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The Ubermensch

The End ...

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Suppose nothing else were "given" as real except our world of desires and passions, and we could not get down, or up, to any other "reality" besides the reality of our drives--for thinking is merely a relation of these drives to each other: is it not permitted to make the experiment and to ask the question whether this "given" would not be sufficient for also understanding on the basis of this kind of thing the so-called mechanistic (or "material") world?...


In the end not only is it permitted to make this experiment; the conscience of method demands it. Not to assume several kinds of causality until the experiment of making do with a single one has been pushed to its utmost limit (to the point of nonsense, if I may say so)... The question is in the end whether we really recognize the will as efficient, whether we believe in the causality of the will: if we do--and at bottom our faith in this is nothing less than our faith in causality itself--then we have to make the experiment of positing causality of the will hypothetically as the only one. "Will," of course, can affect only "will"--and not "matter" (not "nerves," for example). In short, one has to risk the hypothesis whether will does not affect will wherever "effects" are recognized--and whether all mechanical occurrences are not, insofar as a force is active in them, will force, effects of will.


Suppose, finally, we succeeded in explaining our entire instinctive life as the development and ramification of one basic form of the will--namely, of the will to power, as my proposition has it... then one would have gained the right to determine all efficient force univocally as--will to power. The world viewed from inside... it would be "will to power" and nothing else.


What Enterprise so sorely lacked! A philosophical grounding of meaning! And that is why it's pathetic Gene Roddenberry vision of the future is dead now! It's time for the Ubermensch to take over!

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I personally have to disagree with you. and I honestly believe if Gene Roddenberry were around he would have been very proud of Enterprise.

well anyway, after tomorrow night there will be no new Star Trek (With the exception of the books) and I hope they wait a few years before bringing any back on the small or large screen.

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Have you not heard of that madman who lit a lantern in the bright morning


ran to the market place, and cried incessantly:

"I seek Enteprise! I seek Enteprise!"

As many of those who did not believe in Enterprise

were standing around just then,

he provoked much laughter.

Has he got lost? asked one.

Did he lose his way like a child? asked another.

Or is he hiding?

Is he afraid of us? Has he gone on a voyage? emigrated?

Thus they yelled and laughed.


The madman jumped into their midst and pierced them with his eyes.

"Whither is Enterprise?" he cried; "I will tell you.

We have killed it---you and I.

All of us are his murderers.

But how did we do this?

How could we drink up the sea?

Who gave us the sponge to wipe away the entire horizon?

What were we doing when we unchained this earth from its sun?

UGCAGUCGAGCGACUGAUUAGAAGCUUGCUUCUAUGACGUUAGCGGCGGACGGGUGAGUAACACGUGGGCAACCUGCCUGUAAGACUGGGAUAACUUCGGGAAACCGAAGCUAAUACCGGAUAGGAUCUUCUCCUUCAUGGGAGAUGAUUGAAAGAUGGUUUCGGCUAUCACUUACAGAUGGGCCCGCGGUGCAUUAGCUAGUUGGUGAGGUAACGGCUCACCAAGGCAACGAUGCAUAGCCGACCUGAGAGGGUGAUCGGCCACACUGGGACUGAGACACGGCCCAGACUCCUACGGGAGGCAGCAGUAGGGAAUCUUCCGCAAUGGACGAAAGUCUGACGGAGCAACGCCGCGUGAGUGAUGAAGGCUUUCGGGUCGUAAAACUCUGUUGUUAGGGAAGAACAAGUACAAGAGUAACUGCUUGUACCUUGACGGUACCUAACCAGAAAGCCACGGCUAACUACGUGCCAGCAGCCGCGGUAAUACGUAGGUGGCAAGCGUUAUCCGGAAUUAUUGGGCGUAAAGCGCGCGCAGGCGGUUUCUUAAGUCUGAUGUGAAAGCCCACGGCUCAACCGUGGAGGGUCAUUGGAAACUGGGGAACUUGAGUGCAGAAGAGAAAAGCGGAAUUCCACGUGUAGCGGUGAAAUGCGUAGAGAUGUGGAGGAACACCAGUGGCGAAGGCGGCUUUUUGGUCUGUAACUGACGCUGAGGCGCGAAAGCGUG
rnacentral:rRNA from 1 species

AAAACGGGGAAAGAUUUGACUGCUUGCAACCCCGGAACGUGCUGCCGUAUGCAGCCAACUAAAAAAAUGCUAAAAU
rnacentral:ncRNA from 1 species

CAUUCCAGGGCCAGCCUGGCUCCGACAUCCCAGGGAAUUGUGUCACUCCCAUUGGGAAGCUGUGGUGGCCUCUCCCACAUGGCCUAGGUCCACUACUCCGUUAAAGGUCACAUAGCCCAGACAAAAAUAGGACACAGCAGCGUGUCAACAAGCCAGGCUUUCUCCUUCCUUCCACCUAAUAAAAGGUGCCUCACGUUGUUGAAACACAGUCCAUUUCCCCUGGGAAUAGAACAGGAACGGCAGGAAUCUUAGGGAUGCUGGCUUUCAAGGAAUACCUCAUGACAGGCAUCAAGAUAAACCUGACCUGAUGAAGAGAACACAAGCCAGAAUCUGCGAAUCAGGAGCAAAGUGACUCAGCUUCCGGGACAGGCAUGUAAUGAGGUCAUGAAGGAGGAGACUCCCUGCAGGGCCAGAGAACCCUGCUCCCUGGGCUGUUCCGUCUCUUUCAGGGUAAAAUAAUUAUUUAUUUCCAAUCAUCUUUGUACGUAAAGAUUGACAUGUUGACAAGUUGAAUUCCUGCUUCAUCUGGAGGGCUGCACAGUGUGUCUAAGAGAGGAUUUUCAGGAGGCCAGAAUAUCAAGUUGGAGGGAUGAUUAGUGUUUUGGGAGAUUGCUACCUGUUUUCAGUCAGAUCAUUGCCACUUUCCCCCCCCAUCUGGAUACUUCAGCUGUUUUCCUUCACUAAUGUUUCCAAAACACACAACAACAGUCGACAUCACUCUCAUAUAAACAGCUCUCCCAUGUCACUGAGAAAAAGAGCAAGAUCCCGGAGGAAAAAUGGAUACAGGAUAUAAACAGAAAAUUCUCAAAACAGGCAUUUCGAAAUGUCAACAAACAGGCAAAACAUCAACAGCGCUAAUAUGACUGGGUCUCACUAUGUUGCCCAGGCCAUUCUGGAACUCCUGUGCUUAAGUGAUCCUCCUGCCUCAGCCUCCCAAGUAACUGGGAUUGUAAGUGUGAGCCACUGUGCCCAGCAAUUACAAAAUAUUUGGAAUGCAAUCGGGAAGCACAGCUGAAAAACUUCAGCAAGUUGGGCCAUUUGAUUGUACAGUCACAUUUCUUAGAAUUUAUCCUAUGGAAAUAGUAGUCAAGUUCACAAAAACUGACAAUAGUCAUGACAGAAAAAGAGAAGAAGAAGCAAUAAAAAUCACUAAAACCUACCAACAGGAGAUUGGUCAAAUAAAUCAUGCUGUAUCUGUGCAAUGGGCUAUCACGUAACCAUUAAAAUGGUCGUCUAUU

Whither is it moving now? Whither are we moving?

Away from all suns?

Are we not plunging continually?

Backward, sideward, forward, in all directions?

Is there still any up or down?

Are we not straying, as through an infinite nothing?

Do we not feel the breath of empty space?

Has it not become colder? Is not night continually closing in on us?

Do we not need to light lanterns in the morning?

Do we hear nothing as yet of the noise of the gravediggers

who are burying Enterprise?

Do we smell nothing as yet of the Celloid decomposition?

Enterprise, too, decompose.

Enterprise is dead.

Enterprise remains dead.

And we have killed it.


"How shall we comfort ourselves, the murderers of all murderers?

What was holiest and mightiest of all that the world has yet owned has bled

to death under our knives: who will wipe this blood off us?

What water is there for us to clean ourselves?

What festivals of atonement, what sacred gamesshall we have to invent?

Is not the greatness of this deed too great for us?

Must we ourselves not become gods simply to appear worthy of it?

There has never been a greater deed; and whoever is born after us -

For the sake of this deed he will belong to a higher history than all

history hitherto."


Here the madman fell silent and looked again at his listeners;

and they, too, were silent and stared at him in astonishment.

At last he threw his lantern on the ground,

and it broke into pieces and went out.

"I have come too early," he said then; "my time is not yet.

This tremendous event is still on its way, still wandering;

it has not yet reached the ears of men.

Lightning and thunder require time;

the light of the stars requires time;

deeds, though done, still require time to be seen and heard.

This deed is still more distant from them than most distant stars -

and yet they have done it themselves.


It has been related further that on the same day

the madman forced his way into several churches

and there struck up his requiem aeternam deo.

Led out and called to account, he is said always to have replied nothing


"What after all are websites now

if they are not the tombs and sepulchers of Enterprise?"

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We need an icon that yawns. :blink: Oh, we have one!





I personally have to disagree with you. and I honestly believe if Gene Roddenberry were around he would have been very proud of Enterprise.



I agree, KM.

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